Deji Elumoye in Abuja
The Minister of Power, Mr. Sale Mamman, has said the federal government will go ahead with the planned increment in electricity tariffs from July.
Mamman spoke yesterday in Abuja at the Investigative Public Hearing on Power Sector Recovery Plan and the Impact on COVID-19 Pandemic, organised by the Senate Committee on Power.
He expressed concern that the impact of the COVID-19 pandemic has also affected the plan for the repositioning of the electricity market towards financial sustainability under the Power Sector Recovery Programme.
According to him, the Nigerian Electricity Regulatory Commission (NERC), following the completion of public consultation on tariff review, initially planned a tariff review in April.
Mamman, however, said due to the COVID-19 outbreak and customers’ apathy, the proposed tariff review was delayed by three months.
“The impact of this means the subsidy being incurred in maintaining the current tariff level had to be maintained till July 2020 when the proposed tariff review will be implemented.
“The challenge we are currently facing in the development and expansion of our transmission line is budget and release of federal government’s commitment in the estimated sum of N32 billion, primarily for Right of Way acquisition and environmental impact mitigation. The fund should be provided for in the 2020, 2021 and 2022 Appropriations of the Ministry of Power,” he stated.
The minister added that the COVID-19 pandemic has had an economic impact not just on the health sector, but the overall economy of the country.
“Indeed, the prevalence of the pandemic has already reduced productivity due to the strategy adopted globally to contain it. This by default affects the purchasing power of consumers and the demand for electricity in general.
“The current situation in the Nigerian power sector is that a lot of capital investment is being made, most of which is dependent on donor funding, loans and budgetary allocation. For projects that we have already secured their funding, we do not expect any adverse effect,” he said.
He, however, explained that the ministry was canvassing strategies to identify projects that would require counterpart funding in the face of dwindling national revenue with a view to delivering within the projected time.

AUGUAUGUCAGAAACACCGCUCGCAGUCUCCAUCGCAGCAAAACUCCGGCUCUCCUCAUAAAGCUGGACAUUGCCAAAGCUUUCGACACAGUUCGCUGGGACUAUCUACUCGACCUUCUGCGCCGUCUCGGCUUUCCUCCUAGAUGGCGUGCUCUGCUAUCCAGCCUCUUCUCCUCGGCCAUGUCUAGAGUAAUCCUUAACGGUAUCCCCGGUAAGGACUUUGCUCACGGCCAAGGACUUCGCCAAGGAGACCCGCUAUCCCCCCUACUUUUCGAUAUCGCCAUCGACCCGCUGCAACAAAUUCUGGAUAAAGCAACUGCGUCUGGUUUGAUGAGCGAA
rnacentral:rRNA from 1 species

He said: “This explains our prayer for the senators to consider and approve additional funding for the execution of the various projects we are undertaking.”
Mamman added that the power sector is facing the challenge of infrastructural misalignment, market inefficiency/transparency, sector governance/policy coordination, increase energy access and completion of legacy projects.
“Note that the teething issues as well as the legacy issues affecting the power sector is primarily an issue of infrastructural deficit and lack of coordination in the sector.
“We believe solving two challenges alone would not only redress these challenges, but will also unlock the sector for investment, efficiency and service delivery, bringing affordable and stable power to the nation.
“It is thus fortuitous that President Muhammadu Buhari has championed the Siemens Electrification Plan under the Presidential Power Initiative, as the central theme of the government’s strategy in the sector.
“I believe that all efforts rendered by the many relevant stakeholders within the stakeholders should be aligned with the PPI for maximum effectiveness in implementation. It is really our only choice to once and for all resolve the longstanding issue of the power sector.”